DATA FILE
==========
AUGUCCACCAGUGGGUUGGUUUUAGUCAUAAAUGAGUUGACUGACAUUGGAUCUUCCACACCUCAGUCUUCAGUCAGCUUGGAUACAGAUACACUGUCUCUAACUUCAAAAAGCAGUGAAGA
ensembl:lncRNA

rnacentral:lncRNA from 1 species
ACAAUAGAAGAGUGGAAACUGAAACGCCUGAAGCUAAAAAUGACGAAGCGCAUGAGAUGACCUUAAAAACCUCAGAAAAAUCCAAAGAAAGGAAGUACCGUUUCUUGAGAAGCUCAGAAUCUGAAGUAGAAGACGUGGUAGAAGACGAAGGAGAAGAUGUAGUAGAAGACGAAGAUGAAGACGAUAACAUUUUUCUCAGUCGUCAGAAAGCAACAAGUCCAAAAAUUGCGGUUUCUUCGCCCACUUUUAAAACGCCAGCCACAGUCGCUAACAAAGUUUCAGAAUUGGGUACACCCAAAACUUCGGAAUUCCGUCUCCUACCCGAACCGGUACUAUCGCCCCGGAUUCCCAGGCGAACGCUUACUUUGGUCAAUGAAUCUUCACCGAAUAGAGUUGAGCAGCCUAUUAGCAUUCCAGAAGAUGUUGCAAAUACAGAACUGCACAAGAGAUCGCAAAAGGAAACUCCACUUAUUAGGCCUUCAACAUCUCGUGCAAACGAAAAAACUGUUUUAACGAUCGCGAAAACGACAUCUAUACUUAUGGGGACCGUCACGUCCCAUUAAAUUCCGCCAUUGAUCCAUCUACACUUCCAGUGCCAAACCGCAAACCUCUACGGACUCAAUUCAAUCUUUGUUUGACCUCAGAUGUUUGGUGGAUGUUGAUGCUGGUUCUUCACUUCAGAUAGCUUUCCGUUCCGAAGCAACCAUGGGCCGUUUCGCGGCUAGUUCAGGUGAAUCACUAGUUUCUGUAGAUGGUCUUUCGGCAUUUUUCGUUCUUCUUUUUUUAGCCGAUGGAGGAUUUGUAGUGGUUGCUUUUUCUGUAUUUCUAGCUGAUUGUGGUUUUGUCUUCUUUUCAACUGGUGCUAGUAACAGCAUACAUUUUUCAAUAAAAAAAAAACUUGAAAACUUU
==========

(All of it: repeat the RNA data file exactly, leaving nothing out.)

AUGUCCACCAGUGGGUUGGUUUUAGUCAUAAAUGAGUUGACUGACAUUGGAUCUUCCACACCUCAGUCUUCAGUCAGCUUGGAUACAGAUACACUGUCUCUAACUUCAAAAAGCAGUGAAGA
ensembl:lncRNA

rnacentral:lncRNA from 1 species
ACAAUAGAAGAGUGGAAACUGAAACGCCUGAAGCUAAAAAUGACGAAGCGCAUGAGAUGACCUUAAAAACCUCAGAAAAAUCCAAAGAAAGGAAGUACCGUUUCUUGAGAAGCUCAGAAUCUGAAGUAGAAGACGUGGUAGAAGACGAAGGAGAAGAUGUAGUAGAAGACGAAGAUGAAGACGAUAACAUUUUUCUCAGUCGUCAGAAAGCAACAAGUCCAAAAAUUGCGGUUUCUUCGCCCACUUUUAAAACGCCAGCCACAGUCGCUAACAAAGUUUCAGAAUUGGGUACACCCAAAACUUCGGAAUUCCGUCUCCUACCCGAACCGGUACUAUCGCCCCGGAUUCCCAGGCGAACGCUUACUUUGGUCAAUGAAUCUUCACCGAAUAGAGUUGAGCAGCCUAUUAGCAUUCCAGAAGAUGUUGCAAAUACAGAACUGCACAAGAGAUCGCAAAAGGAAACUCCACUUAUUAGGCCUUCAACAUCUCGUGCAAACGAAAAAACUGUUUUAACGAUCGCGAAAACGACAUCUAUACUUAUGGGGACCGUCACGUCCCAUUAAAUUCCGCCAUUGAUCCAUCUACACUUCCAGUGCCAAACCGCAAACCUCUACGGACUCAAUUCAAUCUUUGUUUGACCUCAGAUGUUUGGUGGAUGUUGAUGCUGGUUCUUCACUUCAGAUAGCUUUCCGUUCCGAAGCAACCAUGGGCCGUUUCGCGGCUAGUUCAGGUGAAUCACUAGUUUCUGUAGAUGGUCUUUCGGCAUUUUUCGUUCUUCUUUUUUUAGCCGAUGGAGGAUUUGUAGUGGUUGCUUUUUCUGUAUUUCUAGCUGAUUGUGGUUUUGUCUUCUUUUCAACUGGUGCUAGUAACAGCAUACAUUUUUCAAUAAAAAAAAAACUUGAAAACUUU